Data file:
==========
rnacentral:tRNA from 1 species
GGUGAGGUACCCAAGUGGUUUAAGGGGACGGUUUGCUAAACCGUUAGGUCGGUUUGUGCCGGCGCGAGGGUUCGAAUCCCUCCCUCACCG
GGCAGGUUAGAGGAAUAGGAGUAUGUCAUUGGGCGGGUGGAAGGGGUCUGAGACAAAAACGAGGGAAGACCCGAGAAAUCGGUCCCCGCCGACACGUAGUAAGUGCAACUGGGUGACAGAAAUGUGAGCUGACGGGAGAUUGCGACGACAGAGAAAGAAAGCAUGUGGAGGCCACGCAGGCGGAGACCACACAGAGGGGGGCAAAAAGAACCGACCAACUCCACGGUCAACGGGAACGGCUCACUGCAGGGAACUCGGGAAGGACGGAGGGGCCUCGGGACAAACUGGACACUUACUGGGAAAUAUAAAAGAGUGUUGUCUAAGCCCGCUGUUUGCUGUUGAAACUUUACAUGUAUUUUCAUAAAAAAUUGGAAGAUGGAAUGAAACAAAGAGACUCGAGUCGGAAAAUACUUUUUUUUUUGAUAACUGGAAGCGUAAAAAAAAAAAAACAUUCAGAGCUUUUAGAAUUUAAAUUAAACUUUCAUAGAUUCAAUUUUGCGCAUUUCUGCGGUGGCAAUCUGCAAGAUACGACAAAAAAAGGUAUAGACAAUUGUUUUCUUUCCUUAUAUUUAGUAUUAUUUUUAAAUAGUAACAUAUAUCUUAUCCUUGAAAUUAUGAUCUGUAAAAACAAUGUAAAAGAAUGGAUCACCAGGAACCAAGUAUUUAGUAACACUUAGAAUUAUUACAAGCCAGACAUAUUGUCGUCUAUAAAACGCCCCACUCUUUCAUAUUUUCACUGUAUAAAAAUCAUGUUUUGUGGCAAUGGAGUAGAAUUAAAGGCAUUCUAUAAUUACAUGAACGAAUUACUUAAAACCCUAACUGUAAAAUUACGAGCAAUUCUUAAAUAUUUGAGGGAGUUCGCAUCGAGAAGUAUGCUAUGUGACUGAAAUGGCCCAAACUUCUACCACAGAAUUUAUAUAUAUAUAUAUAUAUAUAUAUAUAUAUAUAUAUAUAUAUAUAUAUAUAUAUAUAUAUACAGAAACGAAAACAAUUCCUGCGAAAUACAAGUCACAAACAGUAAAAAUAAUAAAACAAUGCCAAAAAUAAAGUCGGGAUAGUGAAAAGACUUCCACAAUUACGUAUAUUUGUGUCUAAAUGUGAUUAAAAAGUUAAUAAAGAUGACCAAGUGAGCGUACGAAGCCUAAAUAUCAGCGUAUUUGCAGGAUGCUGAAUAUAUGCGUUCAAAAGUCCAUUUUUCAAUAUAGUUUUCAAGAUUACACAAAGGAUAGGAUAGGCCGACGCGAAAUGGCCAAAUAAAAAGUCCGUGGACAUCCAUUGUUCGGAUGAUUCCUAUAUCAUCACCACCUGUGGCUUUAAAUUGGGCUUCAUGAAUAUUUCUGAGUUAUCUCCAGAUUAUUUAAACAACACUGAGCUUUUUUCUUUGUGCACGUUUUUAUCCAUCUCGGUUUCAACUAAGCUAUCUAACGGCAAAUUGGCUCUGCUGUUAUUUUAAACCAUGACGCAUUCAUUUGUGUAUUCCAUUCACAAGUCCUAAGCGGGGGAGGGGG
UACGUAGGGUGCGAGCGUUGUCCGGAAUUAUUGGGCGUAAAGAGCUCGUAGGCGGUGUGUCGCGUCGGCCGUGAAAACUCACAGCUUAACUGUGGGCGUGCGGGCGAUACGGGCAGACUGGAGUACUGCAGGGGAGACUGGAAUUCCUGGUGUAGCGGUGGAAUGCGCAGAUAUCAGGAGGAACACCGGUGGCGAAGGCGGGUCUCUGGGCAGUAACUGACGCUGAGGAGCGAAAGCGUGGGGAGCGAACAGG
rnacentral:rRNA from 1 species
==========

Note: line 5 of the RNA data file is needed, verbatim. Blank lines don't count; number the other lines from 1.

rnacentral:rRNA from 1 species